Other familiar Asteraceae that occur in the Reserve include bush sunflower (Encelia californica), goldenbush (Isocoma menziesii) and California sagebrush (Artemisia californica).48

Originally classified in the genus Hemizonia, tarweed and closely related species were moved into a new genus Deinandra.43 They are distinguished from many other Asteraceae by having both ray and disk florets and by details of the structure of the floret.

Alternate Scientific Names:

Hemizonia fasciculata, Hemizonia ramosissima

Jepson eFlora Taxon Page
side of the trail with yellow flowers on top of plants

Santa Carina trailhead | June 2010

small yellow flowers in a field

Rios trailhead | June 2015

Three yellow flowers

Rios trailhead | May 2008

Ecology 43,175

Many plants in the Reserve, especially plants like tarweed that bloom during the summer and fall, exude strong-smelling resins.  Resins are complex mixtures of organic molecules and are presumed to give the plant a survival advantage in seasonally dry environments. The resin of relatives of our tarweed (also call tarweeds; Holocarpha spp.) contains compounds that slow water loss across cell membranes, thus retarding water loss from plants during long dry summers. Tarweed resins also have compounds that can be toxic, deterring grazers, especially important during the late summer when many plants have done dormant. Resins have other compounds that absorb ultraviolet radiation and may provide protection from sun damage.

stems with yellow flowers and small green leaves

Rios trailhead | July 2015

field with yellow flowers

Rios trailhead | June 2015

small flowers clumped on end of stem

Santa Carina trailhead | May 2015

Human Uses  

The Chumash, near Santa Barbara and the Channel Islands, gathered and dried the tiny black seeds and winnowed away the chaff. They then pounded the seeds with a little water and formed a ball which they usually ate raw.15 Seeds were also used in Pinole, a flour-like substance that was used dry or in gruel.15,67 In case of hunger, many Indians boiled the entire plant down to a thick, tarry mass that was eaten.175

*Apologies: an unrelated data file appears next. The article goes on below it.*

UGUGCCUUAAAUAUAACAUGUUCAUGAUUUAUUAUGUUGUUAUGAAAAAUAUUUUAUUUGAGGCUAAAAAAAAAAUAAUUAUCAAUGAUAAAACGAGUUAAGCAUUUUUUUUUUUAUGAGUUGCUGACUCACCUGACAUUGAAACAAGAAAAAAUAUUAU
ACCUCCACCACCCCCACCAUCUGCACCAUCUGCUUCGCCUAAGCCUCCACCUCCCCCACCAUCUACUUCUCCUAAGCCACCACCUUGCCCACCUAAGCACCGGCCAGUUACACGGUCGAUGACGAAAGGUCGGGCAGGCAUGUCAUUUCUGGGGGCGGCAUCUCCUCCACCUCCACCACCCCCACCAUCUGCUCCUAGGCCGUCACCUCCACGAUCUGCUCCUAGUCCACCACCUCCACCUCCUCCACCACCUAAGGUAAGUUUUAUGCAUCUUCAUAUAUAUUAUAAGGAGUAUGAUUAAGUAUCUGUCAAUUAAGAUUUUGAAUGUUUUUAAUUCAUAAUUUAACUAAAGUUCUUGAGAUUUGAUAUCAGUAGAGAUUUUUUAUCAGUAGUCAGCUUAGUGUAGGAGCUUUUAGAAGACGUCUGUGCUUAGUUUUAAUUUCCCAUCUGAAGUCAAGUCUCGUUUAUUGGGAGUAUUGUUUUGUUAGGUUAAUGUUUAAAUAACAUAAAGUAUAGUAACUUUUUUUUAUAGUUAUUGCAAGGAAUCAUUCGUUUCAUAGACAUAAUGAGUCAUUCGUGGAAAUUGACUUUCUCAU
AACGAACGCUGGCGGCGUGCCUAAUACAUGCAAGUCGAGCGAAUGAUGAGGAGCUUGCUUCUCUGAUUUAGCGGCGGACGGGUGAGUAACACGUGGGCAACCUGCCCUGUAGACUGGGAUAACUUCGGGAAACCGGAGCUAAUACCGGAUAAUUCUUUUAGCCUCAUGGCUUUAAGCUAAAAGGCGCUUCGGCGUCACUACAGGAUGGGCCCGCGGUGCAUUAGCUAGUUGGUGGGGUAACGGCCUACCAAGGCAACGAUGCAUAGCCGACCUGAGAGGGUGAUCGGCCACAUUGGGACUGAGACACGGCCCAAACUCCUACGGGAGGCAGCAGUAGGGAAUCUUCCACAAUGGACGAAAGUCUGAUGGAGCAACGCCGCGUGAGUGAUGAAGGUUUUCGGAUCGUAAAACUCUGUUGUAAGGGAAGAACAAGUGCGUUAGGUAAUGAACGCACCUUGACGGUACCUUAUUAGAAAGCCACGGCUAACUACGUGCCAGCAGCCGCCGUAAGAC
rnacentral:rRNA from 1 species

The local Kumeyaay used tarweed to cure headaches, boiling the plant in water and inhaling the steam, either in a sweathouse or the modern way – under a towel over a pan.16,67 The Chumash tied several slender tarweed plants into a bundle two to three feet long for a broom.15

small yellow flowers

Rios trailhead | June 2015

side of trail with yellow flowers throughout

Rios trailhead | August 2009

small yellow flowers clumped together

Santa Carina trailhead | April 2015

Interesting Facts  

Tarweed is a very common common-name. Many tarweeds (and tarplants), including ours, belong to a group of related genera in the sunflower family.59 Most of these plants get their name from the copious resins they produce, which are said to stain clothes.23  (Note from EV: In fact the stain is yellow-green – not what I expect from tar.)

It may be the resins that prevent the plants from losing their petals after fertilization. Prigge and Gibson4 write “Slender tarweed seems able to resist drying and blooms when growing in dry soil, and a severed shoot will continue to flower for days, even if not kept in water…” The middle photo below shows a small branch of tarweed about one hour after collection. It is in a glass without water. The dry plant continued to look fresh for three days, even producing a new flower (right photo). By the fourth day, all the blossoms looked wilted but were still flexible and no petals had been lost. On the fifth day, the cleaning lady threw out the experiment.

dried up brown flower

Rios trailhead | June 2015

yellow flowers in a vase

Freshly picked tarweed from Santa Carina trailhead | June 2015

Wilted yellow flowers

Tarweed three days without water